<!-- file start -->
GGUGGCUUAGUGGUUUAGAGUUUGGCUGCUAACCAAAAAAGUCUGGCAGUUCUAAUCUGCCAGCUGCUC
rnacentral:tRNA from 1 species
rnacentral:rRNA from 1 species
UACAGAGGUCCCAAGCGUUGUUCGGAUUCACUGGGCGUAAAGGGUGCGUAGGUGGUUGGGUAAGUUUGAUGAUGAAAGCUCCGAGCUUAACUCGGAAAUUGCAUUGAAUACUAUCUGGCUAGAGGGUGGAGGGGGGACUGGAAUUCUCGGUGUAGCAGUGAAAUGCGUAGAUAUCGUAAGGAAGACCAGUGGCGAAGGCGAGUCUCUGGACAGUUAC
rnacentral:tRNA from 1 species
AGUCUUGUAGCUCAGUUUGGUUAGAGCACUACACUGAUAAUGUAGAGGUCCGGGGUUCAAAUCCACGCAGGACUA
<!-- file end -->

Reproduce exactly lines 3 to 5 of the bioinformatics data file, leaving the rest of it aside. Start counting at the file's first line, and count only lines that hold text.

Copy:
rnacentral:rRNA from 1 species
UACAGAGGUCCCAAGCGUUGUUCGGAUUCACUGGGCGUAAAGGGUGCGUAGGUGGUUGGGUAAGUUUGAUGAUGAAAGCUCCGAGCUUAACUCGGAAAUUGCAUUGAAUACUAUCUGGCUAGAGGGUGGAGGGGGGACUGGAAUUCUCGGUGUAGCAGUGAAAUGCGUAGAUAUCGUAAGGAAGACCAGUGGCGAAGGCGAGUCUCUGGACAGUUAC
rnacentral:tRNA from 1 species